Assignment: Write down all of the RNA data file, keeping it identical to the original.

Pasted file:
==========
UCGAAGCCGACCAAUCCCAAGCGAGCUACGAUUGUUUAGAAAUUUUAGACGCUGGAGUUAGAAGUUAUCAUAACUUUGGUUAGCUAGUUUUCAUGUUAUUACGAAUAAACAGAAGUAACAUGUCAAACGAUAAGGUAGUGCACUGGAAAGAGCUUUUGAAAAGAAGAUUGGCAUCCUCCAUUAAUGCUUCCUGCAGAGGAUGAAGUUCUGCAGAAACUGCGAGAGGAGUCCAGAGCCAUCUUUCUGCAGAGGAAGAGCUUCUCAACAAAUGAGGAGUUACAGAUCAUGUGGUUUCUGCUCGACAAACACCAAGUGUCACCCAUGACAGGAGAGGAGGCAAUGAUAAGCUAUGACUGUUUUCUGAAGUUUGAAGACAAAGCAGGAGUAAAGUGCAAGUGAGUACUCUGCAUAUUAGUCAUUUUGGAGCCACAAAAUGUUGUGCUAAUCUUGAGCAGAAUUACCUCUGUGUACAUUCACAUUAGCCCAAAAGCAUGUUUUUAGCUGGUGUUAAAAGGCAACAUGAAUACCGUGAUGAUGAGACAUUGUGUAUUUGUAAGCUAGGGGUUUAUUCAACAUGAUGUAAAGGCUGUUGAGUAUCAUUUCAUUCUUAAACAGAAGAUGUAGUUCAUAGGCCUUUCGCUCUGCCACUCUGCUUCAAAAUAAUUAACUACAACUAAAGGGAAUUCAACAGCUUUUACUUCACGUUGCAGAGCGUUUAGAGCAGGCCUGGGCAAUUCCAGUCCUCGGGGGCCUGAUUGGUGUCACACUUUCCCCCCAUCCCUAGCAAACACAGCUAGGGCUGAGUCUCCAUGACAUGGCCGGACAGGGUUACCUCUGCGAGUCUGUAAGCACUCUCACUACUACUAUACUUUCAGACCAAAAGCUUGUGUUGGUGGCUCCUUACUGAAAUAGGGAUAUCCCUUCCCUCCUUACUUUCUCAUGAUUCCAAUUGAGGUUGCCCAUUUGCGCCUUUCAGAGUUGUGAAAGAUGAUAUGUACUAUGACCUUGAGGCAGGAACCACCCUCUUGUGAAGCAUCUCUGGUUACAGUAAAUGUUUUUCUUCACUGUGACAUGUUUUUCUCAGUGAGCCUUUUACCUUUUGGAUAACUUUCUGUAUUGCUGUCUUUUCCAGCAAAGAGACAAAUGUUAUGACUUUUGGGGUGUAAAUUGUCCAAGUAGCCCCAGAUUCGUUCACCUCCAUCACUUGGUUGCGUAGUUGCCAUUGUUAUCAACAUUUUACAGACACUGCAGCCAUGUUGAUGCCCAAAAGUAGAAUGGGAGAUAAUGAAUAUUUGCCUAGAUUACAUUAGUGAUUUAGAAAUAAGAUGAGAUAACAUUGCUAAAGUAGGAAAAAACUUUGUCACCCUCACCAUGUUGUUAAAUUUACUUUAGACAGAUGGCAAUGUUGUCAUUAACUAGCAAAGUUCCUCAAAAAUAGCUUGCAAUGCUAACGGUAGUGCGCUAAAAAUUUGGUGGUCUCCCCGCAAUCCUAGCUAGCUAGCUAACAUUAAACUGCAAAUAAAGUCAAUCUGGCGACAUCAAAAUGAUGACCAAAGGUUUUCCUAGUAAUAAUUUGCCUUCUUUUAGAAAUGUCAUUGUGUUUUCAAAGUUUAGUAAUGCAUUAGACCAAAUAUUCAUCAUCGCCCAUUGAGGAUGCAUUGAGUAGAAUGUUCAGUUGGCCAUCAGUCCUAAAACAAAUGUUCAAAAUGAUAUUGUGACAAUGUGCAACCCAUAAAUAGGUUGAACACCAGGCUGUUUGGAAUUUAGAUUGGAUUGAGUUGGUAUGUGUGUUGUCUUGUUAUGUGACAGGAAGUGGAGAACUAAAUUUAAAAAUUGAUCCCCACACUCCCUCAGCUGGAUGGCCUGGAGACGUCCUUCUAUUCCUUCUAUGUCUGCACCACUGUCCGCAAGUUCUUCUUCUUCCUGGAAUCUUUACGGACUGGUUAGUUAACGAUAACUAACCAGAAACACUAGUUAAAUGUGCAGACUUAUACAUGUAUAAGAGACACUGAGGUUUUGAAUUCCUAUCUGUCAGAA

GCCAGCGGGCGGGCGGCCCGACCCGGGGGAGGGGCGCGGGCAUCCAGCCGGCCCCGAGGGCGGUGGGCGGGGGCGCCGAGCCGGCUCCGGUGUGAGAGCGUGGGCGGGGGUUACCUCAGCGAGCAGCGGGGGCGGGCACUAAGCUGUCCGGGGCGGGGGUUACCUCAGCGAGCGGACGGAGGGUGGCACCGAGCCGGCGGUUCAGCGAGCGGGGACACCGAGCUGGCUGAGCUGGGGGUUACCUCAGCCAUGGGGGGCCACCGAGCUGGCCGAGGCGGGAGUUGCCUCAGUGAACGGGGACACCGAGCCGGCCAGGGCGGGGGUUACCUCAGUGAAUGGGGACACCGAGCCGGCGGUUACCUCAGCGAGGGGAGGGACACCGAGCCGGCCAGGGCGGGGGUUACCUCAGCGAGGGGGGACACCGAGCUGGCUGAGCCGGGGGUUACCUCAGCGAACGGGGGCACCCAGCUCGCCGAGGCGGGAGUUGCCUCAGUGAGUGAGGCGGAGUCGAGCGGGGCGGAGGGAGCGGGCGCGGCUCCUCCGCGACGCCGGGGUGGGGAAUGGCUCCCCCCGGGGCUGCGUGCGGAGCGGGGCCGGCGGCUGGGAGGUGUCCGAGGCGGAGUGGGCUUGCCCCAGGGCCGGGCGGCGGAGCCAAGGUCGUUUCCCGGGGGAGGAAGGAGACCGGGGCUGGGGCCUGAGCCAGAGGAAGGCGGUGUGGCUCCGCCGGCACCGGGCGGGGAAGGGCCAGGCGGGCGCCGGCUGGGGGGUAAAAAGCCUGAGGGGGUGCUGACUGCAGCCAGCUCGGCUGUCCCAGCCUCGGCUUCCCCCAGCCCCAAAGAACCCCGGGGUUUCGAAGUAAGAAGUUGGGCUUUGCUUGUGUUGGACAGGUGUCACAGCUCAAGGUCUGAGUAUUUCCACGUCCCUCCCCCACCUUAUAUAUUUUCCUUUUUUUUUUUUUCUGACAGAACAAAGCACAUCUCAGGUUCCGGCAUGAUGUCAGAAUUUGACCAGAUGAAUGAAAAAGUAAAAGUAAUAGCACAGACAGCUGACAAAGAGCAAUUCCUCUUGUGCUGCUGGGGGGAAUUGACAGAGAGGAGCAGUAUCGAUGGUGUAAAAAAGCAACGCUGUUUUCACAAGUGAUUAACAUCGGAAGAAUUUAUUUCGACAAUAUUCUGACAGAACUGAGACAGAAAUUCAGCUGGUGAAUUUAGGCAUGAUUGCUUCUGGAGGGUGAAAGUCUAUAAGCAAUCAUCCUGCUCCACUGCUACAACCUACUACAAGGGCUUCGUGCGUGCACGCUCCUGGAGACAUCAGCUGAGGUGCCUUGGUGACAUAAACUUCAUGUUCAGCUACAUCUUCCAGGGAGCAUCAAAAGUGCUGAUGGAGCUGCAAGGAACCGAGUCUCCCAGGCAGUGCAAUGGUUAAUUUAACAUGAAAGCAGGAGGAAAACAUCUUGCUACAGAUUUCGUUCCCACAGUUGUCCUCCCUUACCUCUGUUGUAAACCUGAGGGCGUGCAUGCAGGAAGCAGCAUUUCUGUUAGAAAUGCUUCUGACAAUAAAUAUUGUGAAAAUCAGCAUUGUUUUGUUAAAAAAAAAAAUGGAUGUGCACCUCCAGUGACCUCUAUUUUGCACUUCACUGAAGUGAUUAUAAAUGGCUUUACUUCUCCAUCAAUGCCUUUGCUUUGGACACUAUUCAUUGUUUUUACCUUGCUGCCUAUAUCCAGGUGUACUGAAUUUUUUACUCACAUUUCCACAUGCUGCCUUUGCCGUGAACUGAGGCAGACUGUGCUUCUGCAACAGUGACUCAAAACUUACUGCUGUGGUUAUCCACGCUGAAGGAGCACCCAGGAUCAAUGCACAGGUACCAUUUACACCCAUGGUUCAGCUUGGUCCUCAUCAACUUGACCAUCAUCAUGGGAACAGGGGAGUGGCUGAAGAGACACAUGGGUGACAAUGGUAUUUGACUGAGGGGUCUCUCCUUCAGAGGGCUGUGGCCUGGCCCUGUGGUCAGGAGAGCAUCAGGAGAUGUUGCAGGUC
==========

UCGAAGCCGACCAAUCCCAAGCGAGCUACGAUUGUUUAGAAAUUUUAGACGCUGGAGUUAGAAGUUAUCAUAACUUUGGUUAGCUAGUUUUCAUGUUAUUACGAAUAAACAGAAGUAACAUGUCAAACGAUAAGGUAGUGCACUGGAAAGAGCUUUUGAAAAGAAGAUUGGCAUCCUCCAUUAAUGCUUCCUGCAGAGGAUGAAGUUCUGCAGAAACUGCGAGAGGAGUCCAGAGCCAUCUUUCUGCAGAGGAAGAGCUUCUCAACAAAUGAGGAGUUACAGAUCAUGUGGUUUCUGCUCGACAAACACCAAGUGUCACCCAUGACAGGAGAGGAGGCAAUGAUAAGCUAUGACUGUUUUCUGAAGUUUGAAGACAAAGCAGGAGUAAAGUGCAAGUGAGUACUCUGCAUAUUAGUCAUUUUGGAGCCACAAAAUGUUGUGCUAAUCUUGAGCAGAAUUACCUCUGUGUACAUUCACAUUAGCCCAAAAGCAUGUUUUUAGCUGGUGUUAAAAGGCAACAUGAAUACCGUGAUGAUGAGACAUUGUGUAUUUGUAAGCUAGGGGUUUAUUCAACAUGAUGUAAAGGCUGUUGAGUAUCAUUUCAUUCUUAAACAGAAGAUGUAGUUCAUAGGCCUUUCGCUCUGCCACUCUGCUUCAAAAUAAUUAACUACAACUAAAGGGAAUUCAACAGCUUUUACUUCACGUUGCAGAGCGUUUAGAGCAGGCCUGGGCAAUUCCAGUCCUCGGGGGCCUGAUUGGUGUCACACUUUCCCCCCAUCCCUAGCAAACACAGCUAGGGCUGAGUCUCCAUGACAUGGCCGGACAGGGUUACCUCUGCGAGUCUGUAAGCACUCUCACUACUACUAUACUUUCAGACCAAAAGCUUGUGUUGGUGGCUCCUUACUGAAAUAGGGAUAUCCCUUCCCUCCUUACUUUCUCAUGAUUCCAAUUGAGGUUGCCCAUUUGCGCCUUUCAGAGUUGUGAAAGAUGAUAUGUACUAUGACCUUGAGGCAGGAACCACCCUCUUGUGAAGCAUCUCUGGUUACAGUAAAUGUUUUUCUUCACUGUGACAUGUUUUUCUCAGUGAGCCUUUUACCUUUUGGAUAACUUUCUGUAUUGCUGUCUUUUCCAGCAAAGAGACAAAUGUUAUGACUUUUGGGGUGUAAAUUGUCCAAGUAGCCCCAGAUUCGUUCACCUCCAUCACUUGGUUGCGUAGUUGCCAUUGUUAUCAACAUUUUACAGACACUGCAGCCAUGUUGAUGCCCAAAAGUAGAAUGGGAGAUAAUGAAUAUUUGCCUAGAUUACAUUAGUGAUUUAGAAAUAAGAUGAGAUAACAUUGCUAAAGUAGGAAAAAACUUUGUCACCCUCACCAUGUUGUUAAAUUUACUUUAGACAGAUGGCAAUGUUGUCAUUAACUAGCAAAGUUCCUCAAAAAUAGCUUGCAAUGCUAACGGUAGUGCGCUAAAAAUUUGGUGGUCUCCCCGCAAUCCUAGCUAGCUAGCUAACAUUAAACUGCAAAUAAAGUCAAUCUGGCGACAUCAAAAUGAUGACCAAAGGUUUUCCUAGUAAUAAUUUGCCUUCUUUUAGAAAUGUCAUUGUGUUUUCAAAGUUUAGUAAUGCAUUAGACCAAAUAUUCAUCAUCGCCCAUUGAGGAUGCAUUGAGUAGAAUGUUCAGUUGGCCAUCAGUCCUAAAACAAAUGUUCAAAAUGAUAUUGUGACAAUGUGCAACCCAUAAAUAGGUUGAACACCAGGCUGUUUGGAAUUUAGAUUGGAUUGAGUUGGUAUGUGUGUUGUCUUGUUAUGUGACAGGAAGUGGAGAACUAAAUUUAAAAAUUGAUCCCCACACUCCCUCAGCUGGAUGGCCUGGAGACGUCCUUCUAUUCCUUCUAUGUCUGCACCACUGUCCGCAAGUUCUUCUUCUUCCUGGAAUCUUUACGGACUGGUUAGUUAACGAUAACUAACCAGAAACACUAGUUAAAUGUGCAGACUUAUACAUGUAUAAGAGACACUGAGGUUUUGAAUUCCUAUCUGUCAGAA

GCCAGCGGGCGGGCGGCCCGACCCGGGGGAGGGGCGCGGGCAUCCAGCCGGCCCCGAGGGCGGUGGGCGGGGGCGCCGAGCCGGCUCCGGUGUGAGAGCGUGGGCGGGGGUUACCUCAGCGAGCAGCGGGGGCGGGCACUAAGCUGUCCGGGGCGGGGGUUACCUCAGCGAGCGGACGGAGGGUGGCACCGAGCCGGCGGUUCAGCGAGCGGGGACACCGAGCUGGCUGAGCUGGGGGUUACCUCAGCCAUGGGGGGCCACCGAGCUGGCCGAGGCGGGAGUUGCCUCAGUGAACGGGGACACCGAGCCGGCCAGGGCGGGGGUUACCUCAGUGAAUGGGGACACCGAGCCGGCGGUUACCUCAGCGAGGGGAGGGACACCGAGCCGGCCAGGGCGGGGGUUACCUCAGCGAGGGGGGACACCGAGCUGGCUGAGCCGGGGGUUACCUCAGCGAACGGGGGCACCCAGCUCGCCGAGGCGGGAGUUGCCUCAGUGAGUGAGGCGGAGUCGAGCGGGGCGGAGGGAGCGGGCGCGGCUCCUCCGCGACGCCGGGGUGGGGAAUGGCUCCCCCCGGGGCUGCGUGCGGAGCGGGGCCGGCGGCUGGGAGGUGUCCGAGGCGGAGUGGGCUUGCCCCAGGGCCGGGCGGCGGAGCCAAGGUCGUUUCCCGGGGGAGGAAGGAGACCGGGGCUGGGGCCUGAGCCAGAGGAAGGCGGUGUGGCUCCGCCGGCACCGGGCGGGGAAGGGCCAGGCGGGCGCCGGCUGGGGGGUAAAAAGCCUGAGGGGGUGCUGACUGCAGCCAGCUCGGCUGUCCCAGCCUCGGCUUCCCCCAGCCCCAAAGAACCCCGGGGUUUCGAAGUAAGAAGUUGGGCUUUGCUUGUGUUGGACAGGUGUCACAGCUCAAGGUCUGAGUAUUUCCACGUCCCUCCCCCACCUUAUAUAUUUUCCUUUUUUUUUUUUUCUGACAGAACAAAGCACAUCUCAGGUUCCGGCAUGAUGUCAGAAUUUGACCAGAUGAAUGAAAAAGUAAAAGUAAUAGCACAGACAGCUGACAAAGAGCAAUUCCUCUUGUGCUGCUGGGGGGAAUUGACAGAGAGGAGCAGUAUCGAUGGUGUAAAAAAGCAACGCUGUUUUCACAAGUGAUUAACAUCGGAAGAAUUUAUUUCGACAAUAUUCUGACAGAACUGAGACAGAAAUUCAGCUGGUGAAUUUAGGCAUGAUUGCUUCUGGAGGGUGAAAGUCUAUAAGCAAUCAUCCUGCUCCACUGCUACAACCUACUACAAGGGCUUCGUGCGUGCACGCUCCUGGAGACAUCAGCUGAGGUGCCUUGGUGACAUAAACUUCAUGUUCAGCUACAUCUUCCAGGGAGCAUCAAAAGUGCUGAUGGAGCUGCAAGGAACCGAGUCUCCCAGGCAGUGCAAUGGUUAAUUUAACAUGAAAGCAGGAGGAAAACAUCUUGCUACAGAUUUCGUUCCCACAGUUGUCCUCCCUUACCUCUGUUGUAAACCUGAGGGCGUGCAUGCAGGAAGCAGCAUUUCUGUUAGAAAUGCUUCUGACAAUAAAUAUUGUGAAAAUCAGCAUUGUUUUGUUAAAAAAAAAAAUGGAUGUGCACCUCCAGUGACCUCUAUUUUGCACUUCACUGAAGUGAUUAUAAAUGGCUUUACUUCUCCAUCAAUGCCUUUGCUUUGGACACUAUUCAUUGUUUUUACCUUGCUGCCUAUAUCCAGGUGUACUGAAUUUUUUACUCACAUUUCCACAUGCUGCCUUUGCCGUGAACUGAGGCAGACUGUGCUUCUGCAACAGUGACUCAAAACUUACUGCUGUGGUUAUCCACGCUGAAGGAGCACCCAGGAUCAAUGCACAGGUACCAUUUACACCCAUGGUUCAGCUUGGUCCUCAUCAACUUGACCAUCAUCAUGGGAACAGGGGAGUGGCUGAAGAGACACAUGGGUGACAAUGGUAUUUGACUGAGGGGUCUCUCCUUCAGAGGGCUGUGGCCUGGCCCUGUGGUCAGGAGAGCAUCAGGAGAUGUUGCAGGUC